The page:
And that is it's a big challenge. For us and our competition to, you know, go to retailers and tell the story. The good news is for us is that the numbers are really strong and we have a lot of really good competition out there who, you know, without even necessarily always talking to one another, we're sort of strategically working together in order to do that as we're all going into the same category of views at the same time and telling very similar stories.
So it's not even just necessarily finding the space within the store. It's. Finding exactly where to put it too. So it could be totally different sections of the store that certain retailers want to put it. And they're asking us that they're telling us to give the story and say why it should be in produce or dairy dessert or where it is.
And that is a challenge, but the good news is as the category builds you know, retailers are listening to us and they want us to tell our story, which is a really unique opportunity for us to be able to do.
Jordan Buckner: I've definitely been there [00:04:00] myself with my CPG brand. I ran Teasquares, we were a energy bar, but sold in like bite sized pieces and a pouch.
And right, it's like, do we go in the energy bar set, but the shelves were like really low physically. And this was kind of before some of the larger bags, so like it physically wouldn't fit on a lot of those shelves. We go by granola, but then our price point is a lot higher per vault for per weight.
Which a lot of people are making a decision on. And so it's really tricky. I remember a couple of Whole Foods, we were by like the raw food set when that was a thing and they like discontinued it. So I think, you know, one of the mistakes that a lot of founders make is saying like, Oh, the retailers really know their store.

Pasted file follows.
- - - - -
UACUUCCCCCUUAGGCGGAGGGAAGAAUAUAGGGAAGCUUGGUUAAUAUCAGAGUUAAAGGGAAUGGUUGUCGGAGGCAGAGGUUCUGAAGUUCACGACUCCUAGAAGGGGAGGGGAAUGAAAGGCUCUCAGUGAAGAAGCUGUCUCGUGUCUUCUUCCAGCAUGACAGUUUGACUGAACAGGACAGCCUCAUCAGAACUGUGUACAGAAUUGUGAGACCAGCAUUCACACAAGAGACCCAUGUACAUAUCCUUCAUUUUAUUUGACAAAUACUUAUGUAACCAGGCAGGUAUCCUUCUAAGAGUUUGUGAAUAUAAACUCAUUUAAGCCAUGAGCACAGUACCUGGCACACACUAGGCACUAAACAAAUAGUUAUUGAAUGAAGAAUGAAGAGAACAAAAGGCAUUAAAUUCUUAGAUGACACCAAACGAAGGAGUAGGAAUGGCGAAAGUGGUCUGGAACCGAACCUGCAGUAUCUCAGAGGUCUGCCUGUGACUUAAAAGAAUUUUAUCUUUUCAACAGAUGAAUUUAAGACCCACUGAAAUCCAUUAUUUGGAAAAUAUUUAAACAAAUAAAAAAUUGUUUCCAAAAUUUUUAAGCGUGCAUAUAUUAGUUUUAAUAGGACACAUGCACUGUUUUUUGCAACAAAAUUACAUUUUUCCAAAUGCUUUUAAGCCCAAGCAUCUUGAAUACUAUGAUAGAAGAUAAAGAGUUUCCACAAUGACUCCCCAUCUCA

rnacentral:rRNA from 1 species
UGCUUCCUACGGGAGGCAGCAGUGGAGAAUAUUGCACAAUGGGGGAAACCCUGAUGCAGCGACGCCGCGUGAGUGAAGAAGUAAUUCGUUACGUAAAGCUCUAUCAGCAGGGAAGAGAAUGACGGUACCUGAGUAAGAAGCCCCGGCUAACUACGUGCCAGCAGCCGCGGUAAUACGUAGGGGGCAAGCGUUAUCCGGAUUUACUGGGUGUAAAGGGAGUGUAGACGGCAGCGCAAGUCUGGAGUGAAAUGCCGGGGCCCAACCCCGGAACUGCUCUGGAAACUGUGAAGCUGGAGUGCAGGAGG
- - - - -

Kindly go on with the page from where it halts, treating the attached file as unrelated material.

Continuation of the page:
Like they'll just figure out where we would sell best, but that's usually not the case. So how have you guys, I know you've been in the market for a while too, but like, have you tested out like where should you go? Have you tried out different aisle placements and have you found your sweet spot?
Andy Segal: Yeah, sure. I mean, it's really a retailer by retailer case. So, you know, where we've found a lot of success is really just being near [00:05:00] competition. There are certain sections of the store that definitely do better than others and Also depends on the channel too, right? So you know, retailers, I will say, do know their stores best, certainly, but when we start to get into some of the, you know, regional, conventional retailers often they're really not sure.
So, We have to go to them with the numbers, using data, using syndicated data, using shipment data, looking at, you know, past promotions if we've run them before in certain sections of the store, even asking them to build displays and test items in different spots of the store. And there's been a lot of reception in areas for us to be able to do that.
And then we can take that story elsewhere as well. You know, , it's a challenge, certainly, because often that, there's a lot of spend that comes with that as well, too but when we've invested in those kind of things and worked closely with those retailers to do those kind of things, it tends to work out.
So you know, , it's just an ever growing and changing story, especially with building a new category like [00:06:00] this that we have to just continue to tell and continue to build.
Jordan Buckner: So Andy, as you are working with different retailers in , your region, how much of your job is selling into new accounts versus growing existing ones?
Andy Segal: I would say it's about 50 50 at this point. You know, like I said, the natural channel is really strong. But we also work very closely with our broker who has existing relationships within these accounts. And I think that's super important to, you know, build a really strong relationship with the broker who then can use their strong relationship with the retailers.